In Thailand, horticultural practices are a significant source of non-point source (NPS) pollution, and the government is considering bestmanagement practices (BMPs) as control measures for reducing agricultural NPS pollution to water. A prevailing assumption that farmers’ reactions to regulations will be homogenous is not based on underlying insights into attitudinal positions that may explain alternative behavioural responses. This paper uses Q-methodology to identify attitudinal discourses relating to BMP uptake. The approach combines the strengths of qualitative and quantitative research in order to explore subjectivity. The study is conducted with citrus growers in the Ping river basin, where farmers are facing increasing competition from alternative water uses. Four ‘discourses’ or viewpoints are identified, namely conservationist, traditionalist, disinterested and riskaverse. The different attitudes of these four groups are likely to be associated with distinctive behavioural reactions to the adoption of alternative policy instruments for pollution control. These discourses could usefully inform targeted policies for the control of NPS pollution from agriculture.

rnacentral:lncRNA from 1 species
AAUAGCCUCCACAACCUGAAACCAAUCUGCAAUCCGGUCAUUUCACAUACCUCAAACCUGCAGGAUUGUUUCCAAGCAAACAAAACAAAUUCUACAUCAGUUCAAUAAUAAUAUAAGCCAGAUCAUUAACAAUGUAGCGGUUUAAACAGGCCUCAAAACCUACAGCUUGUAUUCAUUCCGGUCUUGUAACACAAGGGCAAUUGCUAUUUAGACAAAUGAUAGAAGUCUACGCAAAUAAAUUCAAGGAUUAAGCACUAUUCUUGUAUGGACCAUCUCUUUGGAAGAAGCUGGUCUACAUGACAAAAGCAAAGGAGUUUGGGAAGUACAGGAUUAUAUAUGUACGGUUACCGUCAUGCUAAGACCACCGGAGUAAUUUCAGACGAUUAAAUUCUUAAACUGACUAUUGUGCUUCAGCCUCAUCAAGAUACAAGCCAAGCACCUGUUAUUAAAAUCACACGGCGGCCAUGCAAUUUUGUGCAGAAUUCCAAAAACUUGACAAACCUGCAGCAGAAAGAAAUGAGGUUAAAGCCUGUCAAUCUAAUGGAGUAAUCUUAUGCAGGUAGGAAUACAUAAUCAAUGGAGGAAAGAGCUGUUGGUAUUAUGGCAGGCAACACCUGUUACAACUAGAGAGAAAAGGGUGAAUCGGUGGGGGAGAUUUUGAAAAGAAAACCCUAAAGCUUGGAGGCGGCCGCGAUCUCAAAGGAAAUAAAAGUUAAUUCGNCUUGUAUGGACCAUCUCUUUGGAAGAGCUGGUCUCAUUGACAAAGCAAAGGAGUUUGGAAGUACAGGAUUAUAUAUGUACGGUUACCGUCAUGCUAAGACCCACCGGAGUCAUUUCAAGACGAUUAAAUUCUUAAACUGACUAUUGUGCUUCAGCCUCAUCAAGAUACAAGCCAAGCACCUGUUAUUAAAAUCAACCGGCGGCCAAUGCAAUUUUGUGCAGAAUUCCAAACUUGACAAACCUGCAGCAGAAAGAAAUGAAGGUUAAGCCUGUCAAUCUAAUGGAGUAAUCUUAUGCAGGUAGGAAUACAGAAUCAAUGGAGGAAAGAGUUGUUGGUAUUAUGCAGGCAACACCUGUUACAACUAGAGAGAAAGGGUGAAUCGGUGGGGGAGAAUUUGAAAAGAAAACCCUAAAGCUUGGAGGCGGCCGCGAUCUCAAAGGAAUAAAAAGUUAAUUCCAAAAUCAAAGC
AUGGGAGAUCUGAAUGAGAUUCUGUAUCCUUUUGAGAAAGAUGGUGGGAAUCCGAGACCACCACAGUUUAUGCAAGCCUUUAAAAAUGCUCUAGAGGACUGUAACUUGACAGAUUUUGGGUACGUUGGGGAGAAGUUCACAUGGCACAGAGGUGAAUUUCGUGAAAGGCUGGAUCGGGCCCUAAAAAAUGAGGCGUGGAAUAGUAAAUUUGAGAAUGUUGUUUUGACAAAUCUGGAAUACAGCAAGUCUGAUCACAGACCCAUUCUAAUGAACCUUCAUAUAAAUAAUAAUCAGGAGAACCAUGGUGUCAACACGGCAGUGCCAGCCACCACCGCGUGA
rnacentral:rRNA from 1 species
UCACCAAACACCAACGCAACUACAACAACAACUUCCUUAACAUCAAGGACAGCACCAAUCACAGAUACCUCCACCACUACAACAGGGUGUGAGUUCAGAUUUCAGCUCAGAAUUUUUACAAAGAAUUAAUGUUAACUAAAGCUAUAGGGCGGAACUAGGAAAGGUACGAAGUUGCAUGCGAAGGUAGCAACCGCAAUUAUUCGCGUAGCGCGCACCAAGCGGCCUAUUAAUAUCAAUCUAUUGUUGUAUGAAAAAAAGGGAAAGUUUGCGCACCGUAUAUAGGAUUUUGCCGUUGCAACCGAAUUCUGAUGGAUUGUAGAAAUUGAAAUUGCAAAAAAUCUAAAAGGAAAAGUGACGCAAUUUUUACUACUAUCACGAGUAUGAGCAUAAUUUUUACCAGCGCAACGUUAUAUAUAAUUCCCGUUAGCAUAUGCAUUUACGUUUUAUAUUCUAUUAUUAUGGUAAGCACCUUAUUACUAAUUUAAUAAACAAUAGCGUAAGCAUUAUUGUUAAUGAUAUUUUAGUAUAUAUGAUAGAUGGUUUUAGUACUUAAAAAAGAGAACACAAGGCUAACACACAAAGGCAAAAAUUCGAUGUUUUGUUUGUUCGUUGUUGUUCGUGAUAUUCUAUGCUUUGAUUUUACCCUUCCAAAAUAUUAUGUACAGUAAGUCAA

|Pages (from-to)||225 - 234|
|Number of pages||10|
|Publication status||First published - 2010|
- Agricultural non-point source pollution
- Water quality
Bumbudsanpharoke, W., Moran, D., & Hall, C. (2010). Exploring perspectives of environmental best management practices in Thai agriculture: an application of Q-methodology. Environmental Conservation, 36(3), 225 - 234.